The Aisle Seat - Movie Reviews by Mike McGranaghan
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THE AISLE SEAT - by Mike McGranaghan


The Green Hornet
Seth Rogen makes for an unlikely crime-fighter in The Green Hornet.

The Green Hornet is such an amalgam of different styles that it really shouldn't work. And it doesn't, except that it kind of does. What I mean is that the combination of diverse creative influences produces something a bit sloppy, yet also enjoyably unique if you're willing to go with it. Part superhero picture, part Seth Rogen buddy comedy, and part Michel Gondry head trip, The Green Hornet(in 3D, no less) is destined to either annoy or delight those who see it. I fall into the latter camp.

Rogen stars as Britt Reid, the heir to a newspaper fortune. Britt is a spoiled playboy who never had the approval of his father James (Tom Wilkinson). As a child, he tried to defend his bullied peers, but James discouraged this, believing the boy needed to learn to take more care of himself. When his father suddenly dies, Britt seeks comfort from the family mechanic, Kato (Jay Chou). They begin palling around Los Angeles together, eventually foiling a mugging. This event touches the altruistic part long buried inside of Britt, so he convinces Kato to join him in putting on masks and fighting crime. Their big plan involves pretending to be bad guys in order to get closer to criminals, but then really doing good deeds once they're on the inside.

They get a chance to ply their new trade by going after Benjamin Chudnofsky (Christoph Waltz), a megalomaniac who is trying to take over LA's gangs in order to maximize his profits derived from crime. Armed with Black Beauty - a classic car tricked-out by Kato so that it has all kinds of useful gizmos - they get closer to the criminal and also to the not-so-surprising truth about Britt's father. Cameron Diaz is on board too, in the thankless role of Britt's secretary, Lenore Case, who unknowingly guides them in their quest to be crime-fighters. She has little to do here, making one wonder why a star of Diaz's caliber would want to play such a part.

The idea of Seth Rogen playing a "superhero" may seem a bit incongruous, but the actor (who co-wrote the screenplay with his Superbad writing partner Evan Goldberg) wraps the decades-old character/concept around his particular brand of humor. Britt Reid is not a super superhero; he's an irresponsible goofball trying to blindly find his way into some semblance of maturity, all while developing an unsteady friendship with the more-equipped-for-life-in-every-way Kato. I found that rather funny, especially since the film has some sharp one-liners and bits of comedy. An early confrontation between Chudnofsky and another criminal is particularly humorous. For a superhero film, I laughed more than I expected to.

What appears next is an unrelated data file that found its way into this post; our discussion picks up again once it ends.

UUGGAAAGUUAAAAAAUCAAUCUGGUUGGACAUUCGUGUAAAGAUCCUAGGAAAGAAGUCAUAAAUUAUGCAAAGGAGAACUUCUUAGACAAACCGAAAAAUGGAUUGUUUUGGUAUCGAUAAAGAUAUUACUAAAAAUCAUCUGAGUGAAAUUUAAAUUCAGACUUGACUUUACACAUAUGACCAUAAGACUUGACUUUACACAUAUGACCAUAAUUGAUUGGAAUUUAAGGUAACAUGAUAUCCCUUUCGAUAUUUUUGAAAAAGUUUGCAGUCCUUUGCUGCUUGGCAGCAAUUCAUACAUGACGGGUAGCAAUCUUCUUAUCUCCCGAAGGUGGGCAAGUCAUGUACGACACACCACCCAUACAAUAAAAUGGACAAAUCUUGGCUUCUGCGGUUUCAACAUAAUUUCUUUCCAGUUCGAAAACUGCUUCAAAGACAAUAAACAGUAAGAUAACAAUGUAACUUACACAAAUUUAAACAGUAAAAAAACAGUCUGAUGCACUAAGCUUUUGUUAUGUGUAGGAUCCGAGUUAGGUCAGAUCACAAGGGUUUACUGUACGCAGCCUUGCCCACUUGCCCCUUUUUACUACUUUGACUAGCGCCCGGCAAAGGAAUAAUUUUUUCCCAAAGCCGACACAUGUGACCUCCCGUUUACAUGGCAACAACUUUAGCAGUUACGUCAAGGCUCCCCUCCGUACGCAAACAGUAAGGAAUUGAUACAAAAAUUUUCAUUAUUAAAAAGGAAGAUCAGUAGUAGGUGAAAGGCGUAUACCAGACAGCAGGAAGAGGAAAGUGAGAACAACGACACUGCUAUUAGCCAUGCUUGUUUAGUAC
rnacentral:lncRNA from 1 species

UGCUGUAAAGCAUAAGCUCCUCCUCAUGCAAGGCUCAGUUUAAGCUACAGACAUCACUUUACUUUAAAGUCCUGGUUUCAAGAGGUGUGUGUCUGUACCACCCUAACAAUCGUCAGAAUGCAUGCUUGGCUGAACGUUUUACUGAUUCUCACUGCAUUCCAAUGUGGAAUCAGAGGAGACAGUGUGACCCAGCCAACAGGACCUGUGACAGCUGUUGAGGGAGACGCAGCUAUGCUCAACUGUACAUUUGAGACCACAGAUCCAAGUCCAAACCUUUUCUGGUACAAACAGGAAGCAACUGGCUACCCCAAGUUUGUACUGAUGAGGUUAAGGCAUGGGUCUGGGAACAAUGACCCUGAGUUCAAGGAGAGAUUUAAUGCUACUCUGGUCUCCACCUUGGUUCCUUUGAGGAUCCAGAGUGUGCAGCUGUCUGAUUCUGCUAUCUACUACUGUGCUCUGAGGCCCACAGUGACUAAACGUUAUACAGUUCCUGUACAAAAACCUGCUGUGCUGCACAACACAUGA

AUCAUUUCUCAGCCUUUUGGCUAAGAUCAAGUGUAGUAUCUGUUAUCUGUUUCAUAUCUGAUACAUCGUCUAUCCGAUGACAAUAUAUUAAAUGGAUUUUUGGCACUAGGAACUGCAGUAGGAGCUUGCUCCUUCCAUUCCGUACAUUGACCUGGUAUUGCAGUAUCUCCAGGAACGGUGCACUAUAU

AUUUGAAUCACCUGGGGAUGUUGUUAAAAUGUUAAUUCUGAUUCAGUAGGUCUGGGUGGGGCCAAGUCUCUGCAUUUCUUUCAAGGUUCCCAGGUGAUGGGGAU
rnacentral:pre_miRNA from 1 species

Then Gondry steps in and puts his own spin on this already-bizarre mixture of Rogen-esque humor and superhero origin-story tradition. The director, who additionally made the trippy Eternal Sunshine of the Spotless Mind and The Science of Sleep, finds visually inventive ways to stage the action scenes. One takes place totally in shadow. In another, Kato goes to jump over the hood of a car; Gondry stretches the image into infinity, so that it appears as though the character is running across the hoods of many cars. Then there's a really amazing sequence - and I have no clue how it was accomplished - in which a steady shot of a person walking breaks off into multiple simultaneous shots. One person talks to another, the screen splits in two, and we follow both of them. They talk to two other people, the screen splits again, and we follow all four of them now. This happens a few more times, until the screen is split into about twenty pieces, all of which originated from the same shot. At a time when so many superhero movies look and feel the same, it's refreshing to have a director come in and mix it up by trying new things.

There is certainly stuff to criticize in The Green Hornet. It sometimes can't make up its mind whether to be more of a comedy or more of an action film. The sole significant female role is vastly underdeveloped. The "surprise" revelation of a bad guy is a hoary cliché. Also, the movie's conversion into 3D was completely unnecessary. Only a few fight scenes - shot in what Gondry calls "Kato-vision" - are even remotely worthy of the extra dimension.

Despite these admitted flaws, I had enough fun with the film to recommend it. Rogen is funny, Chou and Waltz are charismatic, and Gondry gives the picture enough of a visually eccentric appeal to keep things lively. Best of all, The Green Hornet doesn't take itself too seriously, a fact that is most evident during the finale, in which Britt and Kato chase the bad guys through the newspaper offices while having Black Beauty perform all kinds of physically impossible tasks. I'm not sure how Michel Gondry ended up directing a Seth Rogen comedy based on a classic radio/TV character. I do know that, for me, this was one occasion where too many cooks in the kitchen actually ended up making some pretty tasty junk food.

( out of four)

The Green Hornet is rated PG-13 for sequences of violent action, language, sensuality and drug content. The running time is 1 hour and 48 minutes.